Upper stage malfunction leaves Chinese satellite in lower-than-planned orbit
The Long March 3B lifted off from the Xichang Satellite Launch Center at 12:12 p.m. Eastern carrying the Chinasat-9A satellite.
It was not until early Monday, though, that Chinese officials announced that the third stage of the rocket malfunctioned, leaving the satellite in a lower orbit than planned.
Officials did not provide additional details about the satellite’s orbit, but did state that the satellite had deployed its solar panels and was functioning normally.
The satellite carries a Ku-band payload and was planned to operate from 92 degrees east in GEO. [gbtimes]
SpaceX has postponed the launch of a Bulgarian communications satellite until Friday, setting up a “doubleheader” with a West Coast launch. SpaceX said Sunday it was delaying the Falcon 9 launch of BulgariaSat-1, previously scheduled for Monday, until at least Friday to replace a valve in the rocket’s payload fairing. SpaceX said that, despite the delay in this launch from Florida, it was still targeting a Sunday launch of 10 Iridium Next satellites on a Falcon 9 from Vandenberg Air Force Base in California. [Florida Today]
The Secretary of the Air Force confirmed plans Friday to establish a new space leadership position within the service. Heather Wilson said she approved an order Friday to establish a deputy chief of staff for space operations position on the Air Staff of the Air Force, to be operational by Aug. 1. The Air Force said in April it was planning to establish that position, but the move did not become official until Friday. The position, to be held by a three-star general, will oversee space operations and requirements and be an advocate for space within the Pentagon. [SpaceNews]
The White House has nominated the president and CEO of XCOR Aerospace to a top Pentagon position. The administration announced late Friday that it has nominated Jay Gibson to be Deputy Chief Management Officer within the Office of the Secretary of Defense, a position responsible for management of business systems within the Defense Department. Gibson had been head of XCOR Aerospace, a developer of rocket engines and the Lynx suborbital spaceplane, since March 2015. During that time, the company halted work on Lynx to focus on engine work. [SpaceNews]
A French startup has raised $1.9 million to develop more efficient electric propulsion for small satellites. ThrustMe raised the money from Kima Ventures and angel investors in the U.S. and Europe to continue work on its electric propulsion system. The technology offers double the thrust of existing miniaturized electric propulsion systems at 40 percent the size. The funding will support a technology demonstration in the next 18 months. [SpaceNews]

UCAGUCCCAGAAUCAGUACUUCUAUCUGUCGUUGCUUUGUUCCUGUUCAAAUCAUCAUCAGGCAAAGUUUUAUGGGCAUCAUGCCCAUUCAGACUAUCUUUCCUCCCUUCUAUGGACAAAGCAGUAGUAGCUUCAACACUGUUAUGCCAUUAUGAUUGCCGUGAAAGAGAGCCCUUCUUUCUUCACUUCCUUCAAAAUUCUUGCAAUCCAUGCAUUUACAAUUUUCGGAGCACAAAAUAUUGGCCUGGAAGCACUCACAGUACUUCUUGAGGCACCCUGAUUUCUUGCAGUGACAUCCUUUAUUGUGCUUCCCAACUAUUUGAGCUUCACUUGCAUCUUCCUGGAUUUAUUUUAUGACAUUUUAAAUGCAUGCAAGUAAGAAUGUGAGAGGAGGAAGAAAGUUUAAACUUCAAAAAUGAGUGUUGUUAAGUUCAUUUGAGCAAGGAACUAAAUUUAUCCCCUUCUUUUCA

The head of Boeing’s defense unit said a recent reorganization was intended to streamline its operations. Leanne Caret said the move, which breaks up Boeing Military Aircraft and Network & Space Systems into four smaller groups and eliminates nearly 50 executive positions, was intended to be about “taking out a layer of executive management” and “flattening the organization.” Caret, who became CEO of Boeing Defense, Space, and Security a little more than a year ago, said she made the moves now in part because it comes harder to make major changes the longer you stay in any position. [SpaceNews]
South Korea’s KT Sat has signed a major customer for an upcoming satellite. KT Sat said DDish TV, Mongolia’s sole direct-to-home television broadcaster, will lease one-eighth the capacity on the Koreasat-5A satellite to provide services to its customers. The Ku-band satellite is scheduled for launch on a Falcon 9 by the end of this year. [SpaceNews]
Another day means another delay for a NASA sounding rocket launch. NASA called off the launch from Wallops Flight Facility Sunday night, citing winds “not conducive for launch.” This was the eighth scrub for the mission because of weather or range issues. The launch has been tentatively rescheduled for Monday, weather permitting. The launch will release particles in the upper atmosphere, creating clouds that could be visible along much of the mid-Atlantic coast. [DelmarvaNow]
As its extended mission nears its end, scientists await a decision on the future of the Dawn spacecraft. The spacecraft, currently in orbit around the dwarf planet Ceres, was granted a one-year extended mission last year that expires at the end of this month. Project leaders are in discussions with NASA about another extended mission, either to continue studies of Ceres or leave orbit to fly by another asteroid. The recent failure of a third reaction wheel on the spacecraft means the spacecraft must rely entirely on thrusters for attitude control, which place limits on its life depending on its orbit. [Spaceflight Now]
Small launch vehicle developer ARCA is planning a suborbital launch this August to test its engine technology. The New Mexico-based company said it intends to carry out the Demonstrator 3 launch launch from Spaceport America in August, flying to an altitude of 100 kilometers. The launch will test the aerospike engine technology the company plans to use on its Haas 2CA small launch vehicle, which the company claims it will start flying in 2018. [Las Cruces (N.M.) Sun-News]
India’s first Mars orbiter has reached a milestone. The Mars Orbiter Mission (MOM) spacecraft marks 1,000 days in orbit around Mars today, and continues to be in good health, the Indian space agency ISRO said, although the scientific output of the mission has been relatively limited. India is planning a second Mars orbiter for launch as soon as 2020. [Hindustan Times]